Charles Sherrod

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Charles Sherrod (born 1937) [1] was a key member and organizer of the Student Nonviolent Coordinating Committee (SNCC) during the 1960s Civil Rights Movement. He became the first SNCC field secretary and SNCC director of southwest Georgia.[2] His leadership there led to the Albany Movement. He also participated in the Selma Voting Rights Movement and in many other arenas of the 1960s movement era.

A supporter of racial integration, he recruited white as well as black members to assist with voter registration efforts. In 1967, he left the SNCC after recently elected chairman Stokely Carmichael expelled white members. He moved north, to New York City, where he received his master's degree in sacred theology from the Union Theological Seminary. He then returned home to direct the Southwest Georgia Project for Community Education. In 1969, Sherrod, his wife Shirley, and some other members of the Albany Movement helped pioneer the land trust movement in the U.S.,[3][4] co-founding New Communities, a collective farm in Southwest Georgia modeled on kibbutzim in Israel. He served as an elected member of the Albany City Council from 1976 to 1990.[2]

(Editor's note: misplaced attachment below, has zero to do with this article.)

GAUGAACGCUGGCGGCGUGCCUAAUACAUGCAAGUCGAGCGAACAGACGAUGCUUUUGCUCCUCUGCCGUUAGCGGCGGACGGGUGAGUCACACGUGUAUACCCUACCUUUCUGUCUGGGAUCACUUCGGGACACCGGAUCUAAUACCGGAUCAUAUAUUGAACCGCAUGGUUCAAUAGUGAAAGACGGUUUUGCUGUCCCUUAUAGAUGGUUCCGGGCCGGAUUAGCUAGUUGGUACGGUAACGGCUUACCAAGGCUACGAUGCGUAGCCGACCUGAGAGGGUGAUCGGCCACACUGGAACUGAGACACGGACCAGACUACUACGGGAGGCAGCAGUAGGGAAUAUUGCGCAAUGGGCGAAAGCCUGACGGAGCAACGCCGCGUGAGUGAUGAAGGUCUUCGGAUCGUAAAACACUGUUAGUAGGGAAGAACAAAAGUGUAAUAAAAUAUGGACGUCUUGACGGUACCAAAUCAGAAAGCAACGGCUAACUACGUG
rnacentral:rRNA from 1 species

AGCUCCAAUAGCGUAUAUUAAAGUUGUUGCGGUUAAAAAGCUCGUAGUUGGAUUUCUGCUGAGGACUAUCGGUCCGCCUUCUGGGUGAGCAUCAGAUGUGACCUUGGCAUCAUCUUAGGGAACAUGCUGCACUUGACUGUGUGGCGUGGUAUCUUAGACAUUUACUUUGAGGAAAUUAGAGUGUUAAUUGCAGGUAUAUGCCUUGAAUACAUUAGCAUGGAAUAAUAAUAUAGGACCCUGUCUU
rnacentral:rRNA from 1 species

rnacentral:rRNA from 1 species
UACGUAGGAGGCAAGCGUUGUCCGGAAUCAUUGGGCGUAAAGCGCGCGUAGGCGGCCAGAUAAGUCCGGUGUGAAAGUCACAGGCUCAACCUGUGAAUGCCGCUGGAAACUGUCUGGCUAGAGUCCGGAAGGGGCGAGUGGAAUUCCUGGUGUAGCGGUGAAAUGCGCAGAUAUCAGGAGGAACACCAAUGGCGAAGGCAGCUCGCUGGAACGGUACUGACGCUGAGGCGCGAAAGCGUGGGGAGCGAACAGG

A former chaplain at the Georgia State Prison in Homerville, the Rev. Sherrod teaches at Albany State University.[5] He is married to former U.S. Department of Agriculture official Shirley Sherrod.

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